Earlier this year, the government introduced stricter selection criteria for school-leavers hoping to go to university. This was widely seen as a move away from the essentially non-selective, comprehensive-school-style idea behind the bulk of French public universities. This principle of non-selection — epitomised by the university Paris 8, which was set up in the wake of the movements of 1968 as an experiment in open popular education — has always been undermined by the existence of the grandes écoles (a small set of highly selective elite institutions such as the École Normale Supérieure) as well as being continually eroded by underfunding.
And yet this principle continues to heavily influence debates over the future of higher education in France. The government’s first two measures regarding universities — increasing their selectivity and drawing financial borders around them — signal a worrying change in direction of travel.
Writing in Le Monde, sociologist Éric Fassin puts the aim of this latest measure in the clearest possible terms: “the government wants to attract the richest, and push away the poorest”. While the number of scholarships for overseas students will increase from 13,000 to 21,000, this will constitute but a drop in the ocean: the current number of foreign students stands at 324,000.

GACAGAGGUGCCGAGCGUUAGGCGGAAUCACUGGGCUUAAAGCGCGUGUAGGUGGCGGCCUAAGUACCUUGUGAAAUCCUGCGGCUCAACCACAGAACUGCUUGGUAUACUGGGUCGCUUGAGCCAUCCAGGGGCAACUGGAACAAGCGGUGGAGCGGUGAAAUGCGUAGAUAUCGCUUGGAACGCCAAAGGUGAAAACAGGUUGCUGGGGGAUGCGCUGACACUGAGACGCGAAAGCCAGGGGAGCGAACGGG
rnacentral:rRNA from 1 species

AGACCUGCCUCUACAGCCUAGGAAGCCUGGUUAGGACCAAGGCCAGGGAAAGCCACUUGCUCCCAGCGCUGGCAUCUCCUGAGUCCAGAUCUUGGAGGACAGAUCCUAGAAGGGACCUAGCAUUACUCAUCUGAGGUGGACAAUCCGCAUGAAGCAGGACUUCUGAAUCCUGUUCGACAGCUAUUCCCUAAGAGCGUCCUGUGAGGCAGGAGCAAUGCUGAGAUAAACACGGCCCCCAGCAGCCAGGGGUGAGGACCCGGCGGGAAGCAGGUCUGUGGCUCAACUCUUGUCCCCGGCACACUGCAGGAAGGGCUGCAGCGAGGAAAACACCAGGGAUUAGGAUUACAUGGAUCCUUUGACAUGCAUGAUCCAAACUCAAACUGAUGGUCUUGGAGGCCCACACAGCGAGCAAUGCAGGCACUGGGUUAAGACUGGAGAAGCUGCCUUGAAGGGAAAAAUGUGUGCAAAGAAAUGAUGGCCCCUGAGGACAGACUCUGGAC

And even if the number of scholarships did make up for the increase in fees, the introduction of means-testing always poses an existential threat to the principle of universal public services: once you start asking who should pay and who should not, it is a slippery slope towards privatisation.
In conjunction with the insufficient increase in scholarships, Édouard Philippe stated the government’s intention to attract more students from “emerging countries (China, India, Vietnam, Indonesia) and non-francophone countries in Sub-Saharan Africa”. This is in sharp distinction to the current make-up of the foreign student population.
Of the 10 countries that send the most students to France, 6 are francophone African, with African students in general making up a total of 45%. These are the students that the government is hoping to dissuade from studying in France: the young people of its former colonies.